Association Analysis

The use of q-values confirmed that a significance threshold of p < 0.001 was appropriate to give confidence that the genetic markers deemed to be significantly associated with phosphorylation levels were correctly assigned and could therefore be effective as genetic markers for marker assisted selection, and also that the most important markers have been included as positive results. Using a candidate gene approach meant that we could expect many of the markers to be significantly associated, but as many genes may be involved in determining starch phosphorylation levels, most exerting only small effects, only the strongest effects would be detected. Phenotype data were collected from two field trials run in consecutive years, and analyzed separately, as a means of determining how reproducible the results were. Although only one SNP (sbei2ag with C6 phosphorylation) gave results that were significant at p < 0.001 for both field trials, several of the other results that were significant at p < 0.001 were backed up by results from the alternative year that were significant at p < 0.01 (Table 2).

Of the 10 most significant SNP/SSR markers identified here, only one, SNP sbei2ag, appears likely to affect the starch phosphorylation phenotype directly by altering protein function. The other significant polymorphisms are therefore presumed to be in linkage disequilibrium with functional mutations, rather than affecting gene function directly, and may therefore be useful as genetic markers.

The GWD gene emerged as the most important gene associated with starch C6 phosphorylation, with five SNPs associated at p < 0.001 with C6 2012, three of which were also associated at p < 0.01 for C6 2011. This is consistent with the fact that GWD encodes the enzyme which catalyzes the C6 phosphorylation reaction. The SNPs gwd1ct and gwd2gt correspond to the A and H haplotypes previously reported to be associated with the degree of starch phosphorylation (Uitdewilligen, 2012). The combined results of two independent studies provide very strong evidence for this association. In addition, the GWD amplicon sequenced here overlaps a SCAR marker in the GWD gene, which has been shown to co-localize with a QTL for starch phosphorylation (Werij et al., 2012).

It is perhaps surprising that only a single, relatively weak (p = 0.005) association was found between PWD SNPs and C3 phosphorylation, given the PWD encodes the enzyme which phosphorylates starch at the C3 position. However, this may simply reflect that we were looking at SNPs from a single fragment of 532 bp and these SNPs were not in LD with polymorphisms that may affect C3 phosphorylation. Although we have not characterized the extent of LD in this association panel, other studies have indicated that LD decays rapidly over relatively short distances in tetraploid potato (Simko et al., 2006). Alternatively, naturally occurring allelic variation in the PWD gene affecting C3 phosphorylation may not occur in our collection of potato lines.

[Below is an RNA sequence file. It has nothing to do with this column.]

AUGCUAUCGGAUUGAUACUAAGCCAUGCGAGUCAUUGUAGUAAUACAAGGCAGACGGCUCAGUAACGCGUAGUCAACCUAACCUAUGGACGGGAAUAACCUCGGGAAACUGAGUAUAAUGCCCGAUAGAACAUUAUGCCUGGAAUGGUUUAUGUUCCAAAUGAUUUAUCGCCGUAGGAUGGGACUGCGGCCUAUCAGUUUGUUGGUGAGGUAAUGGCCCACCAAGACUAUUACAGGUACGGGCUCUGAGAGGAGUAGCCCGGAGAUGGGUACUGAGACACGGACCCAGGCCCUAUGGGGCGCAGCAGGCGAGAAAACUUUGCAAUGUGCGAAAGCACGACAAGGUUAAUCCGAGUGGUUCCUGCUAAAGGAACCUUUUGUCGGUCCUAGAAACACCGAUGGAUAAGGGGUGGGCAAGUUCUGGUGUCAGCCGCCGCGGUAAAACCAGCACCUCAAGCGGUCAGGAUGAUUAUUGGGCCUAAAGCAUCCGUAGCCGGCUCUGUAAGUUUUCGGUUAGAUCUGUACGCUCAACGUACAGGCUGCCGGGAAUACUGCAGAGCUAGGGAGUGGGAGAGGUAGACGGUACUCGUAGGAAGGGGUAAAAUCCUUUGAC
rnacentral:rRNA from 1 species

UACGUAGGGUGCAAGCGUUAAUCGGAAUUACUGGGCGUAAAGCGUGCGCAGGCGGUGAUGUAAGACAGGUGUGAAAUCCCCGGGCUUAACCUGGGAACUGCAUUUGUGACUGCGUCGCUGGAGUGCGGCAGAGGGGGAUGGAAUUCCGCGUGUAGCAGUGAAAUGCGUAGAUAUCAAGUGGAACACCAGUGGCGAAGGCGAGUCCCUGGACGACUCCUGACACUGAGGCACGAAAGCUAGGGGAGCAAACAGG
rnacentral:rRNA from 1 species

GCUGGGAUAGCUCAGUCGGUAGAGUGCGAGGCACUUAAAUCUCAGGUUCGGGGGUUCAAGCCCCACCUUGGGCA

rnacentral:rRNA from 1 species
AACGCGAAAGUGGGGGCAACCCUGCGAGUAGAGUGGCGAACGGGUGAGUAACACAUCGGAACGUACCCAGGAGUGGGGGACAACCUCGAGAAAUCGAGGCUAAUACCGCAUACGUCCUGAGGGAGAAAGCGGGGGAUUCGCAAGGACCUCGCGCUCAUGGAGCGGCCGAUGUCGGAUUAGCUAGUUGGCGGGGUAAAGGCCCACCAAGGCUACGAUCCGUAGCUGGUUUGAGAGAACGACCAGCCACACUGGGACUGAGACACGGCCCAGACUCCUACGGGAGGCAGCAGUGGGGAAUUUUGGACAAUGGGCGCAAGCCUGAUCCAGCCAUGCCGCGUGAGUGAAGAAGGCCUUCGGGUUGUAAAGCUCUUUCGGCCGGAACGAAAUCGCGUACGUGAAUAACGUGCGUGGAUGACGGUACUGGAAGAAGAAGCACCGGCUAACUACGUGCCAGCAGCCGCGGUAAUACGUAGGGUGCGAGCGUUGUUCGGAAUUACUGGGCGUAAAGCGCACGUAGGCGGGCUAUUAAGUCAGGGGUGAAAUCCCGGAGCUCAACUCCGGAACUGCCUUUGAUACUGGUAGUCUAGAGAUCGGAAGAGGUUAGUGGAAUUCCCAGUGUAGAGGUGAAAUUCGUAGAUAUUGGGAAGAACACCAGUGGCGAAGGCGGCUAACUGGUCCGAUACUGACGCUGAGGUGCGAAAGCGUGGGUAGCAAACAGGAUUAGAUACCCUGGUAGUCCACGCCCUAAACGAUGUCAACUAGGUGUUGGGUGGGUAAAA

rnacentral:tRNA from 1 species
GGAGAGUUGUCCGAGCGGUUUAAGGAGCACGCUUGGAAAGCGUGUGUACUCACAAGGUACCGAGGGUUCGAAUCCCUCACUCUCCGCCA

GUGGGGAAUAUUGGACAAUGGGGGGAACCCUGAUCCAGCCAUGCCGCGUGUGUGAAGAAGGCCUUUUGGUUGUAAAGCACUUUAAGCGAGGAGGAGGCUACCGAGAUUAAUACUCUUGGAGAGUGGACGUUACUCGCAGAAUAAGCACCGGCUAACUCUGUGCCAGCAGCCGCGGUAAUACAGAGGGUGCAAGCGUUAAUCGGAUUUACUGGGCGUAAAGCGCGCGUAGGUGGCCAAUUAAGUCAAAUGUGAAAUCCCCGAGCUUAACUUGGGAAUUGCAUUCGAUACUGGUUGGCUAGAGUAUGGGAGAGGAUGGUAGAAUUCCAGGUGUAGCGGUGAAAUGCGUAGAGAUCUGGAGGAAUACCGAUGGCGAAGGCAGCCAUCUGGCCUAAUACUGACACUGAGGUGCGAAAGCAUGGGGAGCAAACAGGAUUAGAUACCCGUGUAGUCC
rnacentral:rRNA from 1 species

Polymorphisms in the genes encoding the starch branching enzymes SBEI and SBEII were significantly associated (p < 0.001) with the degree of both C6 and C3 phosphorylation. This is consistent with findings from antisense experiments that showed a decrease in expression of SBEI (Safford et al., 1998) or SBEII (Jobling et al., 1999) resulted in increased phosphorus content of potato starch. The sbei2ag SNP, which had a highly significant association with both C6 and C3 starch phosphorylation (C6 phosphorylation for both years, and C3 phosphorylation for 2011, at p < 0.001), encoded a serine/asparagine substitution at a position in the protein which tends to be conserved among homologous sequences, which have serine at this position. In potato the alleles encoding serine and asparagine are approximately equally common, and it is the asparagine variant which is associated with higher phosphorylation. It is possible that this SNP is a functional mutation which influences the degree of starch phosphorylation. Comparison with the crystal structure of the homologous protein in rice revealed that the equivalent serine residue is in the central catalytic α-amylase domain of the protein, but is not one of the seven residues known to be involved in enzymatic activity (Noguchi et al., 2011). However, there are other ways in which this substitution could affect starch phosphorylation, such as by altering protein/protein interactions. The SBEII SSR reported in this study produces variation in the number of glutamic acid residues near the C-terminal end of SBEII, an observation which has been reported previously (Jobling et al., 1999) but which has not been linked to functional variation in the protein. The sbeii180 allele which was associated with both C6 and C3 phosphorylation at p < 0.001 had a very low minor allele frequency of 0.004 and only occurred in three potato lines. It has been suggested that associations based on rare alleles may have an elevated false discovery rate compared to common alleles (Lam et al., 2007; Tabangin et al., 2009) but that it is preferable to treat such associations with caution rather than discard them (Moskvina et al., 2006; Tabangin et al., 2009) as rare alleles can be of interest. Therefore, the association of the sbeii180 allele with starch phosphorylation may require further validation. Incidentally, the three lines carrying the sbeii180 allele (Granola, V153 and V493) are not closely related, a fact which supports the validity of the association.